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Stand-in Penguins singer catches red glare |

Stand-in Penguins singer catches red glare

Bob Timney can’t skate or shoot. He plays no defense and never stops a puck. He is 46 years old.

But in just two Penguins home playoff games, he emerged as a star.

Wearing an Army Reserve sergeant uniform as opposed to the black and gold, Timney sang the national anthem before Games 1 and 2 of the first-round series against Tampa Bay at Consol Energy Center. Anthem singers are considered an integral part of NHL games because they can pump up the crowd.

Timney did just that.

“Everybody loves him,” said Derek Rocco, co-editor of the Pensblog website. “You want to be there to hear that emotion.”

Timney sang before a regular-season game in February. This was his playoff debut, a rookie stepping in for an established veteran and fan favorite.

For more than 20 years, Jeff Jimerson has been the Penguins’ predominant anthem singer. But he was away on vacation. Jimerson returned after Game 1 and expected to get the call for Game 2, but like with a hot goalie, the Penguins stuck with Timney. Then they gave him the nod for Game 5 on Saturday.

Jimerson, who said he sang before every home playoff game during the past four years, essentially was benched.

“If I said I wasn’t disappointed, I’d be lying,” he said. “I haven’t been home for a playoff game since I can’t remember. People who know me know how personal this is and how seriously I take it.”

Timney’s style is crisp and no-frills, augmented by a patriotic, military bearing. But mainly, he holds out the microphone and signals fans not only to sing along but also to carry the song themselves. And they do. Loudly.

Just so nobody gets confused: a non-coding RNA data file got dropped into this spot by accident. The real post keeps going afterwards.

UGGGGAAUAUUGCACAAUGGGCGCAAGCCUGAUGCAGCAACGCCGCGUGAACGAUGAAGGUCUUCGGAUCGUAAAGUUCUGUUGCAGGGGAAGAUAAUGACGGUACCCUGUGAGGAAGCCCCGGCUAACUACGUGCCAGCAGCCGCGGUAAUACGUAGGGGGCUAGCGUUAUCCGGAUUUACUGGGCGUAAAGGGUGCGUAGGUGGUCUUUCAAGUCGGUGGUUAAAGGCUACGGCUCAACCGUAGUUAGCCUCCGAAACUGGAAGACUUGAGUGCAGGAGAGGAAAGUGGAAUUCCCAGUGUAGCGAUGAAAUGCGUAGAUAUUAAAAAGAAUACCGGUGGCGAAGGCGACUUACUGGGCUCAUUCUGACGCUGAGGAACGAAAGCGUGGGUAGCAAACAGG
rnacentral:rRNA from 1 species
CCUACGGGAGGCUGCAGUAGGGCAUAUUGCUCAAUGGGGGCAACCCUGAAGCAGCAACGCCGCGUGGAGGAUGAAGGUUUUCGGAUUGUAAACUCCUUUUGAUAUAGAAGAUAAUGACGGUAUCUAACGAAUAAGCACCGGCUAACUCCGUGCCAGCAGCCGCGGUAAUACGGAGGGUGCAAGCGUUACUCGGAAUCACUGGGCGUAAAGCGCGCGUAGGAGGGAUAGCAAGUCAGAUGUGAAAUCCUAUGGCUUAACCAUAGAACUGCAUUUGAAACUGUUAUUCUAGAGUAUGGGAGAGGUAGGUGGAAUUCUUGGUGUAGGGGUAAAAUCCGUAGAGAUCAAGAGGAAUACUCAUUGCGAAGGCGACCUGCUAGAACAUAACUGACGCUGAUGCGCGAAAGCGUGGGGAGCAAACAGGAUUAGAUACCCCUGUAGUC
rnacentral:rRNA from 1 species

Timney did not invite the crowd to sing along during his regular-season gig, but he decided to try it in the playoffs. It is a custom reserved more for Canadian hockey crowds, and it went over big at Consol Energy Center, sparking a major buzz.

His performances quickly materialized on YouTube. A headline on Pensblog read, “National Anthem • Goosebump.”

“I’ve never seen anything like this,” Penguins spokesman and former beat writer Tom McMillan said. “It was totally spontaneous.”

Timney’s life changed immediately. Driving home to State College after Game 1, he walked into a convenience store and got the celebrity treatment. “It’s been overwhelming,” he said of the response. “Totally unexpected.”

Count Jimerson among the surprised.

He started singing the anthem at Penguins games in 1990 and has earned a large and devoted following. But while Game 1 was played, he was in the Virgin Islands with his wife celebrating their 10th wedding anniversary.

The switch prompted Jimerson to wryly cite Drew Bledsoe, the New England Patriots quarterback who got hurt and lost his job to a kid named Tom Brady.

“I can see the Penguins are embracing this,” he said. “And I’m like, ‘Uh, Jeff who?’ ”

Jimerson, who sang before 25 of the 43 home exhibition and regular-season games, is “going to sing again,” McMillan said. “He is highly regarded here.” The Penguins just can’t say when he will sing again.

Jimerson, 55, of Franklin Park fronts a band, Airborne, and works at an entertainment booking agency. He planned his trip knowing he would miss an early game but said he expected the Penguins to keep playing and wanted to be back for later games.

“I was bummed that I’d miss a game at Consol, but I’d rather miss a game in the first round than a game in the (semifinals),” he said.

Asked if he would have planned the trip had he known this would happen, he said, “I probably would have rescheduled it for July or something. But I don’t regret taking the vacation.”

Timney is singing the anthem largely because of Jimerson. Timney calls Jimerson “my hero” and previously contacted him on his Facebook page seeking advice. He said he would love to sing the anthem with him.

“He’s far better than I am,” Timney said. “I was inspired to sing the anthem by Jeff Jimerson. … I’m not here to replace anybody.”

Timney said he has been publicly singing the anthem for eight years, mainly at amateur and minor league events. He describes himself as a “singer-songwriter,” although by profession he is an IT consultant and a photojournalist. He is unemployed.

Neither Timney nor Jimerson nor anyone else sings the anthem for the money — there is none. They get paid nothing. It’s about the honor, inspiring a crowd and being part of something big.

“I miss being where the action is,” Jimerson said. “It’s a rush.”

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